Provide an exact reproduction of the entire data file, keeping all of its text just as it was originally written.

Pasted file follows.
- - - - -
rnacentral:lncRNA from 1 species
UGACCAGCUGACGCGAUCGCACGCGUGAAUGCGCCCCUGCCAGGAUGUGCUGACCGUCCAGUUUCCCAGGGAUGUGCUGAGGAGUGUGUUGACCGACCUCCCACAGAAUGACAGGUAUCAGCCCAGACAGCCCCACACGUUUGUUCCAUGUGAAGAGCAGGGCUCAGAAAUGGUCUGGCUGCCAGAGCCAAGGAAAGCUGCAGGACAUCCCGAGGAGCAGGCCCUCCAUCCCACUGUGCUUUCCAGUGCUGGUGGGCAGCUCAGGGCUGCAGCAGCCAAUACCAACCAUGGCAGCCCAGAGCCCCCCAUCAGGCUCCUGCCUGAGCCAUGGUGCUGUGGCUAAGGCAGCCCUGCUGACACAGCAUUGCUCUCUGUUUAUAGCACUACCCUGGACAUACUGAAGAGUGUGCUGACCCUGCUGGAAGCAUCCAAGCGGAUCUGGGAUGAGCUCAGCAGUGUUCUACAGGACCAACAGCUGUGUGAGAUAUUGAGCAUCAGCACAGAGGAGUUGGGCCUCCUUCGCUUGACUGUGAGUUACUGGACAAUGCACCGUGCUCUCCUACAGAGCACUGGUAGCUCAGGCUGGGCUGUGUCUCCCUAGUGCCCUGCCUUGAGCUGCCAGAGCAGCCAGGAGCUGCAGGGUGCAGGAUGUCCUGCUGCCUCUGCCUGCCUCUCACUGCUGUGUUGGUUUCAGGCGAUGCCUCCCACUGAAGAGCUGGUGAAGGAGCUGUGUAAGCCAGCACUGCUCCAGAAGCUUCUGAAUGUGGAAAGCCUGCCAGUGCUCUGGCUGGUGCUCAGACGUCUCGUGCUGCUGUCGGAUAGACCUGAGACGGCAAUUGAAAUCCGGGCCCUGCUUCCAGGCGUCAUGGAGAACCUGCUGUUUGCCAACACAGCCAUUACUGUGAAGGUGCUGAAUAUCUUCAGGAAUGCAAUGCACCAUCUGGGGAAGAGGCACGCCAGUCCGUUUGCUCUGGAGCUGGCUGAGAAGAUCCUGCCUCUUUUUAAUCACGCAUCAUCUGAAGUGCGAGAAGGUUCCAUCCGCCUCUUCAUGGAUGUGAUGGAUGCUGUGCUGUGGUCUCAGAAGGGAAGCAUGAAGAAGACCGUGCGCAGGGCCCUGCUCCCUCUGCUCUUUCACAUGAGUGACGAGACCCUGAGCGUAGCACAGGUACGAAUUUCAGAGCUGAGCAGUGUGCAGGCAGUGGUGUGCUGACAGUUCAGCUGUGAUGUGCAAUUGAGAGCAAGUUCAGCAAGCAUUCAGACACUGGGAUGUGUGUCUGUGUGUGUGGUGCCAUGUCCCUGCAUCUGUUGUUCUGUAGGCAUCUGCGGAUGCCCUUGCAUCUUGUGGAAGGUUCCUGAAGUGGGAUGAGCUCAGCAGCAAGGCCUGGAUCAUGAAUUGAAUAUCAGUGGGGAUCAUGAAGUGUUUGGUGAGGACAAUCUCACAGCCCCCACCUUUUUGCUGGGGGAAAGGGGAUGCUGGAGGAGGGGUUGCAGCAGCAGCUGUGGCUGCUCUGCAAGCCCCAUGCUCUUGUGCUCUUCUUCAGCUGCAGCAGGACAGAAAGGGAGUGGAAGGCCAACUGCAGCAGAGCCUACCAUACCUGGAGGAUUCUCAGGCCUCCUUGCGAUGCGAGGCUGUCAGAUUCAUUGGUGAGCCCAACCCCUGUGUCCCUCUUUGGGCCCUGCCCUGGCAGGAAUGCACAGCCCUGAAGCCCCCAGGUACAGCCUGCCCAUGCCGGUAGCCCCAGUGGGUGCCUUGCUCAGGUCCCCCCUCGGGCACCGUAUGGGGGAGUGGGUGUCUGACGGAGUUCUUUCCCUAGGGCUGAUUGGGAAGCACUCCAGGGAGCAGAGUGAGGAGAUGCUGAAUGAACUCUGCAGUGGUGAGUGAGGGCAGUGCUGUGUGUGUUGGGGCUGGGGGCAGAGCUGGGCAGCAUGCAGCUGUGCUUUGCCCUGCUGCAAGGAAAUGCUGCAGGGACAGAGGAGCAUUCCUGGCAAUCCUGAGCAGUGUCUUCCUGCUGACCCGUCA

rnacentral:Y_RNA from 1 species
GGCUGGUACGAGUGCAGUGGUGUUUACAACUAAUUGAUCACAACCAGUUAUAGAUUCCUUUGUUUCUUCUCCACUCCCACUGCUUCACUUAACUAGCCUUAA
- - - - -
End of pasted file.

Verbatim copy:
rnacentral:lncRNA from 1 species
UGACCAGCUGACGCGAUCGCACGCGUGAAUGCGCCCCUGCCAGGAUGUGCUGACCGUCCAGUUUCCCAGGGAUGUGCUGAGGAGUGUGUUGACCGACCUCCCACAGAAUGACAGGUAUCAGCCCAGACAGCCCCACACGUUUGUUCCAUGUGAAGAGCAGGGCUCAGAAAUGGUCUGGCUGCCAGAGCCAAGGAAAGCUGCAGGACAUCCCGAGGAGCAGGCCCUCCAUCCCACUGUGCUUUCCAGUGCUGGUGGGCAGCUCAGGGCUGCAGCAGCCAAUACCAACCAUGGCAGCCCAGAGCCCCCCAUCAGGCUCCUGCCUGAGCCAUGGUGCUGUGGCUAAGGCAGCCCUGCUGACACAGCAUUGCUCUCUGUUUAUAGCACUACCCUGGACAUACUGAAGAGUGUGCUGACCCUGCUGGAAGCAUCCAAGCGGAUCUGGGAUGAGCUCAGCAGUGUUCUACAGGACCAACAGCUGUGUGAGAUAUUGAGCAUCAGCACAGAGGAGUUGGGCCUCCUUCGCUUGACUGUGAGUUACUGGACAAUGCACCGUGCUCUCCUACAGAGCACUGGUAGCUCAGGCUGGGCUGUGUCUCCCUAGUGCCCUGCCUUGAGCUGCCAGAGCAGCCAGGAGCUGCAGGGUGCAGGAUGUCCUGCUGCCUCUGCCUGCCUCUCACUGCUGUGUUGGUUUCAGGCGAUGCCUCCCACUGAAGAGCUGGUGAAGGAGCUGUGUAAGCCAGCACUGCUCCAGAAGCUUCUGAAUGUGGAAAGCCUGCCAGUGCUCUGGCUGGUGCUCAGACGUCUCGUGCUGCUGUCGGAUAGACCUGAGACGGCAAUUGAAAUCCGGGCCCUGCUUCCAGGCGUCAUGGAGAACCUGCUGUUUGCCAACACAGCCAUUACUGUGAAGGUGCUGAAUAUCUUCAGGAAUGCAAUGCACCAUCUGGGGAAGAGGCACGCCAGUCCGUUUGCUCUGGAGCUGGCUGAGAAGAUCCUGCCUCUUUUUAAUCACGCAUCAUCUGAAGUGCGAGAAGGUUCCAUCCGCCUCUUCAUGGAUGUGAUGGAUGCUGUGCUGUGGUCUCAGAAGGGAAGCAUGAAGAAGACCGUGCGCAGGGCCCUGCUCCCUCUGCUCUUUCACAUGAGUGACGAGACCCUGAGCGUAGCACAGGUACGAAUUUCAGAGCUGAGCAGUGUGCAGGCAGUGGUGUGCUGACAGUUCAGCUGUGAUGUGCAAUUGAGAGCAAGUUCAGCAAGCAUUCAGACACUGGGAUGUGUGUCUGUGUGUGUGGUGCCAUGUCCCUGCAUCUGUUGUUCUGUAGGCAUCUGCGGAUGCCCUUGCAUCUUGUGGAAGGUUCCUGAAGUGGGAUGAGCUCAGCAGCAAGGCCUGGAUCAUGAAUUGAAUAUCAGUGGGGAUCAUGAAGUGUUUGGUGAGGACAAUCUCACAGCCCCCACCUUUUUGCUGGGGGAAAGGGGAUGCUGGAGGAGGGGUUGCAGCAGCAGCUGUGGCUGCUCUGCAAGCCCCAUGCUCUUGUGCUCUUCUUCAGCUGCAGCAGGACAGAAAGGGAGUGGAAGGCCAACUGCAGCAGAGCCUACCAUACCUGGAGGAUUCUCAGGCCUCCUUGCGAUGCGAGGCUGUCAGAUUCAUUGGUGAGCCCAACCCCUGUGUCCCUCUUUGGGCCCUGCCCUGGCAGGAAUGCACAGCCCUGAAGCCCCCAGGUACAGCCUGCCCAUGCCGGUAGCCCCAGUGGGUGCCUUGCUCAGGUCCCCCCUCGGGCACCGUAUGGGGGAGUGGGUGUCUGACGGAGUUCUUUCCCUAGGGCUGAUUGGGAAGCACUCCAGGGAGCAGAGUGAGGAGAUGCUGAAUGAACUCUGCAGUGGUGAGUGAGGGCAGUGCUGUGUGUGUUGGGGCUGGGGGCAGAGCUGGGCAGCAUGCAGCUGUGCUUUGCCCUGCUGCAAGGAAAUGCUGCAGGGACAGAGGAGCAUUCCUGGCAAUCCUGAGCAGUGUCUUCCUGCUGACCCGUCA

rnacentral:Y_RNA from 1 species
GGCUGGUACGAGUGCAGUGGUGUUUACAACUAAUUGAUCACAACCAGUUAUAGAUUCCUUUGUUUCUUCUCCACUCCCACUGCUUCACUUAACUAGCCUUAA